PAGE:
US legislators to arm news outlets with bargaining power in dealing with Facebook, Google
The US Congress plans to introduce a series of antitrust bills that would allow smaller news organizations to negotiate collectively with Facebook and Alphabet’s Google, said Rep. Ken Buck of the House Judiciary Committee’s antitrust panel.
The legislation could boost sales in the struggling news business.
Buck said the proposed legislation would be similar to a 2019 bill co-sponsored by panel chair Rep. David Cicilline, which allowed small publishers to band together in negotiating with the likes of Facebook and Google without facing antitrust scrutiny.
He added that he wanted the focus to be on the tech giants, whom he called the biggest threat to the free market economy.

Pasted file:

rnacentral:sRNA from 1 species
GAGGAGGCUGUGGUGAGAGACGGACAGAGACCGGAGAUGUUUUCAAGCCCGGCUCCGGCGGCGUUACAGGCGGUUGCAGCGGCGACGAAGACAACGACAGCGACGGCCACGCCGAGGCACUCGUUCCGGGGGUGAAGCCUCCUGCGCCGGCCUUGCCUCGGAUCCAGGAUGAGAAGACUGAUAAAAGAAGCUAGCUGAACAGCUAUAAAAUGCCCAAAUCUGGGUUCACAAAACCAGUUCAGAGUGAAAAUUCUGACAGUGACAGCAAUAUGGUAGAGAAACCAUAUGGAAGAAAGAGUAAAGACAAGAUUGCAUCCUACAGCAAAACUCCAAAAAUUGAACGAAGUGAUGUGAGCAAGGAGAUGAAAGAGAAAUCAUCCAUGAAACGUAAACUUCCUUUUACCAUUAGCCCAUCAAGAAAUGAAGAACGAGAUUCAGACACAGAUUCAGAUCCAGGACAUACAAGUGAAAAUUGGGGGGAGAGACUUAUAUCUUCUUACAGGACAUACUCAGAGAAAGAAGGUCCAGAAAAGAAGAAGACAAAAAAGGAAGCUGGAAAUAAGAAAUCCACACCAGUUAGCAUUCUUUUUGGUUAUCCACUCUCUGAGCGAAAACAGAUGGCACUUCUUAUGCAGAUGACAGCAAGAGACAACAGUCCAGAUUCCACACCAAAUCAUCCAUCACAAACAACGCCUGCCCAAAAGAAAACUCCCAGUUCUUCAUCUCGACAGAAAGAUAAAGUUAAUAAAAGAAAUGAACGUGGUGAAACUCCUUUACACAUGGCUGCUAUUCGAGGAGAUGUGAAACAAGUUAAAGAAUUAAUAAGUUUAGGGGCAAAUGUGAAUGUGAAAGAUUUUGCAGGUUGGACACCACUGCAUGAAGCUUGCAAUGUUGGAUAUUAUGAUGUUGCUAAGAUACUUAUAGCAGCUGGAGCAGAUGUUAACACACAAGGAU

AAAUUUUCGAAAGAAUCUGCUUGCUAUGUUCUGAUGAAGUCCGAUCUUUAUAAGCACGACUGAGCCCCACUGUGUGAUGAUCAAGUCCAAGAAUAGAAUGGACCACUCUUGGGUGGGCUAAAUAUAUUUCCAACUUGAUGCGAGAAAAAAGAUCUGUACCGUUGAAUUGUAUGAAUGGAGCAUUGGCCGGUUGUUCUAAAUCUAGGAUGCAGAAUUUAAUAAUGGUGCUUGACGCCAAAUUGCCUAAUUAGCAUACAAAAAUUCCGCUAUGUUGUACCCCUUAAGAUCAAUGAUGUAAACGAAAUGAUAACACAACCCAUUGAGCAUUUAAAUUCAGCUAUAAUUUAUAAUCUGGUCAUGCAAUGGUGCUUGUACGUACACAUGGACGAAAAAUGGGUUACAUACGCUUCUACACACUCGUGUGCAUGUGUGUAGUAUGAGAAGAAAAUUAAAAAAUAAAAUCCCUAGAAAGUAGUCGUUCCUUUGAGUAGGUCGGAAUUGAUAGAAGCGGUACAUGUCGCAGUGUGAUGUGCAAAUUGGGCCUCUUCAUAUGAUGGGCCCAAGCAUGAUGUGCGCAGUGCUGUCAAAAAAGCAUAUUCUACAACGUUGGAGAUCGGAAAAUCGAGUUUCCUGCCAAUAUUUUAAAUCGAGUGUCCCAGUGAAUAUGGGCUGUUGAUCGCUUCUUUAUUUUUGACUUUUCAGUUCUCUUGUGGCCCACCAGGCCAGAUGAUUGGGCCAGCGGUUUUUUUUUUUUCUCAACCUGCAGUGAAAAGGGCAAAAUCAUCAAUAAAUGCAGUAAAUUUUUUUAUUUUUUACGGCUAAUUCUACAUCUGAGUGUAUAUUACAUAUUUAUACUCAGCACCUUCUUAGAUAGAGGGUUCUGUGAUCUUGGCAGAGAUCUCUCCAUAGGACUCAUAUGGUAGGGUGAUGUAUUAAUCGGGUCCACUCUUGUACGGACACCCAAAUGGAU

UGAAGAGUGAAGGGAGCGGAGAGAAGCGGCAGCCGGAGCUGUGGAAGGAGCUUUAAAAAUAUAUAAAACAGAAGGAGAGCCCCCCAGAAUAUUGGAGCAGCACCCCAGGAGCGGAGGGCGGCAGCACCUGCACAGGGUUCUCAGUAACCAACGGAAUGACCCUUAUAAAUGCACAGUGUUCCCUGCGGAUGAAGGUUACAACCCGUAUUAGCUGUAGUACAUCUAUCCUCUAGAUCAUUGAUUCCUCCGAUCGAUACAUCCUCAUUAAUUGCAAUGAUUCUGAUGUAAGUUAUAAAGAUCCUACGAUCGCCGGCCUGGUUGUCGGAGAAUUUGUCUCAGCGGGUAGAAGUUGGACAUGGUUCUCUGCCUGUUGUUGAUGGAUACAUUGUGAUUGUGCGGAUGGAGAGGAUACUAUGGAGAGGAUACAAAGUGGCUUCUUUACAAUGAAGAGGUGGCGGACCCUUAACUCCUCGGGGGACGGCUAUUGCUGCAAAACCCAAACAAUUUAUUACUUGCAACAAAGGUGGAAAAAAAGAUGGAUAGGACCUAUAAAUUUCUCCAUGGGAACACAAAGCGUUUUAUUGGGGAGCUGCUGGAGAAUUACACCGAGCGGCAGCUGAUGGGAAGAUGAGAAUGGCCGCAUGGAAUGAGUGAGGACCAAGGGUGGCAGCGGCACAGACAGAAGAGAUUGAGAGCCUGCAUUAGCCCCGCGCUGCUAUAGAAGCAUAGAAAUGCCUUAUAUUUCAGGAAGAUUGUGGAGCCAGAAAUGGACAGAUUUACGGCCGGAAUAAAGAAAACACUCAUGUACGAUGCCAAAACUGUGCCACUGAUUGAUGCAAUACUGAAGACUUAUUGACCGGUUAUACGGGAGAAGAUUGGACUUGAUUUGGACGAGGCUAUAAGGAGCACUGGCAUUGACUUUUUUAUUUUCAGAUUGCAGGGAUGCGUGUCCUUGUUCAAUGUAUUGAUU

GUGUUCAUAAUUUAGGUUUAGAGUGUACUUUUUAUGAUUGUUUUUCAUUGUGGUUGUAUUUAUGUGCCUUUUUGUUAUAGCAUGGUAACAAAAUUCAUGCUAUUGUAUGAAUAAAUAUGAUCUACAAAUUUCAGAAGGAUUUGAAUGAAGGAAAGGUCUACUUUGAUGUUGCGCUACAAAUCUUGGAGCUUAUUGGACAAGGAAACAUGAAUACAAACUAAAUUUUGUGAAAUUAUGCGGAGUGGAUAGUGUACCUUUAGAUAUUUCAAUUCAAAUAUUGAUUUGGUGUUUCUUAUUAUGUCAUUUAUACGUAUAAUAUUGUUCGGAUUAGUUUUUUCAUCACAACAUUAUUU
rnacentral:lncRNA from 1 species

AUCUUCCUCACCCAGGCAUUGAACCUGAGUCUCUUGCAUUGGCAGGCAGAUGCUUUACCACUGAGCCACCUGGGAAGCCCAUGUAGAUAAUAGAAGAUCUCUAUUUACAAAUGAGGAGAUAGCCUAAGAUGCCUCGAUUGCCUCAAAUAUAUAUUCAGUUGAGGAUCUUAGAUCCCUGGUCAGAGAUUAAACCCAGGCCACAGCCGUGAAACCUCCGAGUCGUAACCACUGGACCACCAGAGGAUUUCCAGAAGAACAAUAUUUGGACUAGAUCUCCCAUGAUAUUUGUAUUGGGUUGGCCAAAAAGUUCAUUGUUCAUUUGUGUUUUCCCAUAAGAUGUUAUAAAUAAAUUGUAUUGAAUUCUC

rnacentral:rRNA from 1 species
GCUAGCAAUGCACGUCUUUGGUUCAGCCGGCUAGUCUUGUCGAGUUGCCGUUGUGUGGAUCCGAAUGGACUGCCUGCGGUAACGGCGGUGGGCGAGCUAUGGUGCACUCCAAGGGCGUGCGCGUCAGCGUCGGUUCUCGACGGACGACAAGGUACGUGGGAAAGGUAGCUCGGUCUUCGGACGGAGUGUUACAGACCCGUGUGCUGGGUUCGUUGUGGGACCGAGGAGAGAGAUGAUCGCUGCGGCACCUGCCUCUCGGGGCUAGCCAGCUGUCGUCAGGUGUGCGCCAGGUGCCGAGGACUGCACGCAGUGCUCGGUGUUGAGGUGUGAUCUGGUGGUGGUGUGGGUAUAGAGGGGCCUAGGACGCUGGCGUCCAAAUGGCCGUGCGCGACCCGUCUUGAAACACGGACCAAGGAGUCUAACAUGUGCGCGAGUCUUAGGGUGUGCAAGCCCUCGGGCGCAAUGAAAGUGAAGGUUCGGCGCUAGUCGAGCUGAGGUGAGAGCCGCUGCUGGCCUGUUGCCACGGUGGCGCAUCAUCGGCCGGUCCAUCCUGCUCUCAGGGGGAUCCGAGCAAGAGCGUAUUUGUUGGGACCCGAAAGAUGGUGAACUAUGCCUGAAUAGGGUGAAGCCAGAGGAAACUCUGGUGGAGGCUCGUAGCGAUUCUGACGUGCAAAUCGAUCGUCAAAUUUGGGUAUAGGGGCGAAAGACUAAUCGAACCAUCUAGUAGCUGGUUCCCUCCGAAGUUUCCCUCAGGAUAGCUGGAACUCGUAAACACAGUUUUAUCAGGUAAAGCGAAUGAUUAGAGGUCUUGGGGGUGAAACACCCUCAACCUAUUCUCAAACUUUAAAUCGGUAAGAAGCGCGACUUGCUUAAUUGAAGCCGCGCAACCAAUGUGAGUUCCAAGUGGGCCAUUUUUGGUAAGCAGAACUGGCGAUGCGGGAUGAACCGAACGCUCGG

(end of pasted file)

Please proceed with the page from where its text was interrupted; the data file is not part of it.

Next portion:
Smaller publishers have griped about their bigger competitors getting better revenue-sharing deals from Google.
According to David Chavern, president and CEO of the News Media Alliance, platforms negotiate with publishers individually and make them sign NDAs without publishers being able to compare notes.
Facebook has blocked news feeds and other pages in Australia due to a dispute over a proposed law requiring it and Google to pay news outlets or agree on a price through arbitration.
The said news links drive traffic to Facebook's platforms.
Meanwhile, Google has struck deals with news publishers in Australia, France, and other countries.
Google announced this week that it had agreed to a global deal with News Corp that involved “significant payments” to the news organization, in one of the most extensive deals of its kind.